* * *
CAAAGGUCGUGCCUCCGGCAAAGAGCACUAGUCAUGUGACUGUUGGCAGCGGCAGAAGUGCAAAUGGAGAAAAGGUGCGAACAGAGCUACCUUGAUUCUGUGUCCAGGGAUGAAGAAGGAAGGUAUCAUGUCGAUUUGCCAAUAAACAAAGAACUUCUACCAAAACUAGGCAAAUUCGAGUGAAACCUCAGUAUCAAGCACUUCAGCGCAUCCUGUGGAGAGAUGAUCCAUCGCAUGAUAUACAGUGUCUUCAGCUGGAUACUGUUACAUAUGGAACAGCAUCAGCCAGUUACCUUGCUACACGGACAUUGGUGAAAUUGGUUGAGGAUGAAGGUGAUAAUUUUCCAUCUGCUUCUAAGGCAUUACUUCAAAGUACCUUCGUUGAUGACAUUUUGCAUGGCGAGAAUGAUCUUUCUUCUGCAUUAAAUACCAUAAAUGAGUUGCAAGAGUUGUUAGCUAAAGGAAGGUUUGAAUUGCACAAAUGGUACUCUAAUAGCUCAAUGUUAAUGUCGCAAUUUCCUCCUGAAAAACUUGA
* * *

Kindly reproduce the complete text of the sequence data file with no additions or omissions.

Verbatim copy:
CAAAGGUCGUGCCUCCGGCAAAGAGCACUAGUCAUGUGACUGUUGGCAGCGGCAGAAGUGCAAAUGGAGAAAAGGUGCGAACAGAGCUACCUUGAUUCUGUGUCCAGGGAUGAAGAAGGAAGGUAUCAUGUCGAUUUGCCAAUAAACAAAGAACUUCUACCAAAACUAGGCAAAUUCGAGUGAAACCUCAGUAUCAAGCACUUCAGCGCAUCCUGUGGAGAGAUGAUCCAUCGCAUGAUAUACAGUGUCUUCAGCUGGAUACUGUUACAUAUGGAACAGCAUCAGCCAGUUACCUUGCUACACGGACAUUGGUGAAAUUGGUUGAGGAUGAAGGUGAUAAUUUUCCAUCUGCUUCUAAGGCAUUACUUCAAAGUACCUUCGUUGAUGACAUUUUGCAUGGCGAGAAUGAUCUUUCUUCUGCAUUAAAUACCAUAAAUGAGUUGCAAGAGUUGUUAGCUAAAGGAAGGUUUGAAUUGCACAAAUGGUACUCUAAUAGCUCAAUGUUAAUGUCGCAAUUUCCUCCUGAAAAACUUGA